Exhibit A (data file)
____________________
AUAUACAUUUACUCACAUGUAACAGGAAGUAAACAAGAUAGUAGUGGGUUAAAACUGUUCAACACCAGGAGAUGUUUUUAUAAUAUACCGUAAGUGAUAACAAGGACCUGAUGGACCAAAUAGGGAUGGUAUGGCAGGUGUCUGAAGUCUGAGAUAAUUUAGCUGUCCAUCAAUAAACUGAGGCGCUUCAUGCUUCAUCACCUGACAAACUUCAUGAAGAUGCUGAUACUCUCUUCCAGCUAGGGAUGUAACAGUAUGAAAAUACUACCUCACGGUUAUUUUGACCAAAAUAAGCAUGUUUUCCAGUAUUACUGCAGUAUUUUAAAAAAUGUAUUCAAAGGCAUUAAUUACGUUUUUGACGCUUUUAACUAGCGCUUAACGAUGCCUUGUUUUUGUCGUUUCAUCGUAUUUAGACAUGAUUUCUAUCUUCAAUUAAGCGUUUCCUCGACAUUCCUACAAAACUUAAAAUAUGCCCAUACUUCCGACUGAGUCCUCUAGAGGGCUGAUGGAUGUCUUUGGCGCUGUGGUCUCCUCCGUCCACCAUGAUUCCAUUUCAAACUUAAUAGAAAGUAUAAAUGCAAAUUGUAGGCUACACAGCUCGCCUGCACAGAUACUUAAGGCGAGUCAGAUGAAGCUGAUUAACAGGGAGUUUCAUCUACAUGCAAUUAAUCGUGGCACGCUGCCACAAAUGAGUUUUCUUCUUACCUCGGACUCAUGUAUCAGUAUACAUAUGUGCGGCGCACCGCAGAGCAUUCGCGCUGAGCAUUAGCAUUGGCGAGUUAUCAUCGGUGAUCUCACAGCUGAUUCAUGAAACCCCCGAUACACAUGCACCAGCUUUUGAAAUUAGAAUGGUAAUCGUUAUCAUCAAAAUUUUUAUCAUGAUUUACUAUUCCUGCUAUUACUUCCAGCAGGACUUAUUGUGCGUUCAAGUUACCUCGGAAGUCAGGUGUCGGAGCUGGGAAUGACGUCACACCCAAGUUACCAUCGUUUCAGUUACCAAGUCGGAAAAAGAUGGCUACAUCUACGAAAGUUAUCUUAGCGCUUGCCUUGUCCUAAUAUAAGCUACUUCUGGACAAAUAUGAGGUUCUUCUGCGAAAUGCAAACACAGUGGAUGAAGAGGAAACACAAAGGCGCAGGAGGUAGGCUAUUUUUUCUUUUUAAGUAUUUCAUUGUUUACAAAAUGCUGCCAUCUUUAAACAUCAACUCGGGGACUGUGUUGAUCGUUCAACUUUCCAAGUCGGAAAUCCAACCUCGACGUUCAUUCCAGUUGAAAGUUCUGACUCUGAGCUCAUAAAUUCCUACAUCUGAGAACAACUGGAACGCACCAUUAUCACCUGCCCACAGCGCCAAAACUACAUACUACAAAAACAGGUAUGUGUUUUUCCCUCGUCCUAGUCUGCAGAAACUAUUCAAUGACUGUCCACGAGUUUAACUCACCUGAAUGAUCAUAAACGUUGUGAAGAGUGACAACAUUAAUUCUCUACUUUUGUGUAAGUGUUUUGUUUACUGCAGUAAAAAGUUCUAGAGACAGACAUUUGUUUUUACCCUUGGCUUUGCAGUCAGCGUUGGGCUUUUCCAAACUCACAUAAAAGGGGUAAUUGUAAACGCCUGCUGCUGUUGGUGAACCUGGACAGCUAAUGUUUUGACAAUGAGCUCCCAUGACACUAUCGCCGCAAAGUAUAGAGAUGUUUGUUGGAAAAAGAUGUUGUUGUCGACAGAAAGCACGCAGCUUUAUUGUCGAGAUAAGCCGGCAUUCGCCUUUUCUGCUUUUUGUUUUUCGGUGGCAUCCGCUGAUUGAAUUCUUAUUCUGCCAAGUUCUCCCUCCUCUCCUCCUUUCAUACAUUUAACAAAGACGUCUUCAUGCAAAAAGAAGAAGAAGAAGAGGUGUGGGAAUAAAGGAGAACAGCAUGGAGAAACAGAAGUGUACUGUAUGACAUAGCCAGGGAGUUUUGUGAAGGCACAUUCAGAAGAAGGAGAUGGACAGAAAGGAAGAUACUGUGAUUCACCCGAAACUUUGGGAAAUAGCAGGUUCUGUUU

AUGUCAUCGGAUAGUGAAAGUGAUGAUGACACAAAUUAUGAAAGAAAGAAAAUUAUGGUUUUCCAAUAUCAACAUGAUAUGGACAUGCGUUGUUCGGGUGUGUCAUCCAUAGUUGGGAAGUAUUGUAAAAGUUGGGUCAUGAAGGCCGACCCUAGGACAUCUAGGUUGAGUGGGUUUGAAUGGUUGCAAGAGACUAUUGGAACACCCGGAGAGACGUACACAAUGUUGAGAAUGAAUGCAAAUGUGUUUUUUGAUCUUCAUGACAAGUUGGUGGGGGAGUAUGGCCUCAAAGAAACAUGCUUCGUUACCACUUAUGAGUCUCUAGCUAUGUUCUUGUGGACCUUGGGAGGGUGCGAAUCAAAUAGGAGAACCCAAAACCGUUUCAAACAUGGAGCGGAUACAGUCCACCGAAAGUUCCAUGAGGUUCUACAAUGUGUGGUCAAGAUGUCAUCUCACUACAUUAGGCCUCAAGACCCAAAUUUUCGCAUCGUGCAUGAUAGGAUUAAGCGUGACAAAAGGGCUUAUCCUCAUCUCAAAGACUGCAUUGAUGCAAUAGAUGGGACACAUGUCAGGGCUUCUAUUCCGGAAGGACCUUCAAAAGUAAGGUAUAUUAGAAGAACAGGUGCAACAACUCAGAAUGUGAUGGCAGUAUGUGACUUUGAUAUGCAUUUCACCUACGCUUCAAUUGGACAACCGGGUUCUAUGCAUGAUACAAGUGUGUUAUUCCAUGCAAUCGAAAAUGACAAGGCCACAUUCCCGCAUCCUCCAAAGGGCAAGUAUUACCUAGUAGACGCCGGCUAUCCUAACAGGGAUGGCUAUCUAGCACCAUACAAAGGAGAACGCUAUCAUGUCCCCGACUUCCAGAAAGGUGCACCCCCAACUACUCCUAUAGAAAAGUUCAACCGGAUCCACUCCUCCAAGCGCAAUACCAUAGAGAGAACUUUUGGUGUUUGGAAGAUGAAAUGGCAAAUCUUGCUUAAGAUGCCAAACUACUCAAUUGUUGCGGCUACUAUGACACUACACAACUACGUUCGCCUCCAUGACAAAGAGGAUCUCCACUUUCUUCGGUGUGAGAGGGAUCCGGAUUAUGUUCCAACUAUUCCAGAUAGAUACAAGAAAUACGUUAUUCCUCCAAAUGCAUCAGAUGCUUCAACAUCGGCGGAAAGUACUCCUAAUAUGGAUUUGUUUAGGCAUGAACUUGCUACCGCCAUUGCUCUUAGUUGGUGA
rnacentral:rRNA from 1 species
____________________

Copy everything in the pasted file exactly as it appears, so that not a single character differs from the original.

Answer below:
AUAUACAUUUACUCACAUGUAACAGGAAGUAAACAAGAUAGUAGUGGGUUAAAACUGUUCAACACCAGGAGAUGUUUUUAUAAUAUACCGUAAGUGAUAACAAGGACCUGAUGGACCAAAUAGGGAUGGUAUGGCAGGUGUCUGAAGUCUGAGAUAAUUUAGCUGUCCAUCAAUAAACUGAGGCGCUUCAUGCUUCAUCACCUGACAAACUUCAUGAAGAUGCUGAUACUCUCUUCCAGCUAGGGAUGUAACAGUAUGAAAAUACUACCUCACGGUUAUUUUGACCAAAAUAAGCAUGUUUUCCAGUAUUACUGCAGUAUUUUAAAAAAUGUAUUCAAAGGCAUUAAUUACGUUUUUGACGCUUUUAACUAGCGCUUAACGAUGCCUUGUUUUUGUCGUUUCAUCGUAUUUAGACAUGAUUUCUAUCUUCAAUUAAGCGUUUCCUCGACAUUCCUACAAAACUUAAAAUAUGCCCAUACUUCCGACUGAGUCCUCUAGAGGGCUGAUGGAUGUCUUUGGCGCUGUGGUCUCCUCCGUCCACCAUGAUUCCAUUUCAAACUUAAUAGAAAGUAUAAAUGCAAAUUGUAGGCUACACAGCUCGCCUGCACAGAUACUUAAGGCGAGUCAGAUGAAGCUGAUUAACAGGGAGUUUCAUCUACAUGCAAUUAAUCGUGGCACGCUGCCACAAAUGAGUUUUCUUCUUACCUCGGACUCAUGUAUCAGUAUACAUAUGUGCGGCGCACCGCAGAGCAUUCGCGCUGAGCAUUAGCAUUGGCGAGUUAUCAUCGGUGAUCUCACAGCUGAUUCAUGAAACCCCCGAUACACAUGCACCAGCUUUUGAAAUUAGAAUGGUAAUCGUUAUCAUCAAAAUUUUUAUCAUGAUUUACUAUUCCUGCUAUUACUUCCAGCAGGACUUAUUGUGCGUUCAAGUUACCUCGGAAGUCAGGUGUCGGAGCUGGGAAUGACGUCACACCCAAGUUACCAUCGUUUCAGUUACCAAGUCGGAAAAAGAUGGCUACAUCUACGAAAGUUAUCUUAGCGCUUGCCUUGUCCUAAUAUAAGCUACUUCUGGACAAAUAUGAGGUUCUUCUGCGAAAUGCAAACACAGUGGAUGAAGAGGAAACACAAAGGCGCAGGAGGUAGGCUAUUUUUUCUUUUUAAGUAUUUCAUUGUUUACAAAAUGCUGCCAUCUUUAAACAUCAACUCGGGGACUGUGUUGAUCGUUCAACUUUCCAAGUCGGAAAUCCAACCUCGACGUUCAUUCCAGUUGAAAGUUCUGACUCUGAGCUCAUAAAUUCCUACAUCUGAGAACAACUGGAACGCACCAUUAUCACCUGCCCACAGCGCCAAAACUACAUACUACAAAAACAGGUAUGUGUUUUUCCCUCGUCCUAGUCUGCAGAAACUAUUCAAUGACUGUCCACGAGUUUAACUCACCUGAAUGAUCAUAAACGUUGUGAAGAGUGACAACAUUAAUUCUCUACUUUUGUGUAAGUGUUUUGUUUACUGCAGUAAAAAGUUCUAGAGACAGACAUUUGUUUUUACCCUUGGCUUUGCAGUCAGCGUUGGGCUUUUCCAAACUCACAUAAAAGGGGUAAUUGUAAACGCCUGCUGCUGUUGGUGAACCUGGACAGCUAAUGUUUUGACAAUGAGCUCCCAUGACACUAUCGCCGCAAAGUAUAGAGAUGUUUGUUGGAAAAAGAUGUUGUUGUCGACAGAAAGCACGCAGCUUUAUUGUCGAGAUAAGCCGGCAUUCGCCUUUUCUGCUUUUUGUUUUUCGGUGGCAUCCGCUGAUUGAAUUCUUAUUCUGCCAAGUUCUCCCUCCUCUCCUCCUUUCAUACAUUUAACAAAGACGUCUUCAUGCAAAAAGAAGAAGAAGAAGAGGUGUGGGAAUAAAGGAGAACAGCAUGGAGAAACAGAAGUGUACUGUAUGACAUAGCCAGGGAGUUUUGUGAAGGCACAUUCAGAAGAAGGAGAUGGACAGAAAGGAAGAUACUGUGAUUCACCCGAAACUUUGGGAAAUAGCAGGUUCUGUUU

AUGUCAUCGGAUAGUGAAAGUGAUGAUGACACAAAUUAUGAAAGAAAGAAAAUUAUGGUUUUCCAAUAUCAACAUGAUAUGGACAUGCGUUGUUCGGGUGUGUCAUCCAUAGUUGGGAAGUAUUGUAAAAGUUGGGUCAUGAAGGCCGACCCUAGGACAUCUAGGUUGAGUGGGUUUGAAUGGUUGCAAGAGACUAUUGGAACACCCGGAGAGACGUACACAAUGUUGAGAAUGAAUGCAAAUGUGUUUUUUGAUCUUCAUGACAAGUUGGUGGGGGAGUAUGGCCUCAAAGAAACAUGCUUCGUUACCACUUAUGAGUCUCUAGCUAUGUUCUUGUGGACCUUGGGAGGGUGCGAAUCAAAUAGGAGAACCCAAAACCGUUUCAAACAUGGAGCGGAUACAGUCCACCGAAAGUUCCAUGAGGUUCUACAAUGUGUGGUCAAGAUGUCAUCUCACUACAUUAGGCCUCAAGACCCAAAUUUUCGCAUCGUGCAUGAUAGGAUUAAGCGUGACAAAAGGGCUUAUCCUCAUCUCAAAGACUGCAUUGAUGCAAUAGAUGGGACACAUGUCAGGGCUUCUAUUCCGGAAGGACCUUCAAAAGUAAGGUAUAUUAGAAGAACAGGUGCAACAACUCAGAAUGUGAUGGCAGUAUGUGACUUUGAUAUGCAUUUCACCUACGCUUCAAUUGGACAACCGGGUUCUAUGCAUGAUACAAGUGUGUUAUUCCAUGCAAUCGAAAAUGACAAGGCCACAUUCCCGCAUCCUCCAAAGGGCAAGUAUUACCUAGUAGACGCCGGCUAUCCUAACAGGGAUGGCUAUCUAGCACCAUACAAAGGAGAACGCUAUCAUGUCCCCGACUUCCAGAAAGGUGCACCCCCAACUACUCCUAUAGAAAAGUUCAACCGGAUCCACUCCUCCAAGCGCAAUACCAUAGAGAGAACUUUUGGUGUUUGGAAGAUGAAAUGGCAAAUCUUGCUUAAGAUGCCAAACUACUCAAUUGUUGCGGCUACUAUGACACUACACAACUACGUUCGCCUCCAUGACAAAGAGGAUCUCCACUUUCUUCGGUGUGAGAGGGAUCCGGAUUAUGUUCCAACUAUUCCAGAUAGAUACAAGAAAUACGUUAUUCCUCCAAAUGCAUCAGAUGCUUCAACAUCGGCGGAAAGUACUCCUAAUAUGGAUUUGUUUAGGCAUGAACUUGCUACCGCCAUUGCUCUUAGUUGGUGA
rnacentral:rRNA from 1 species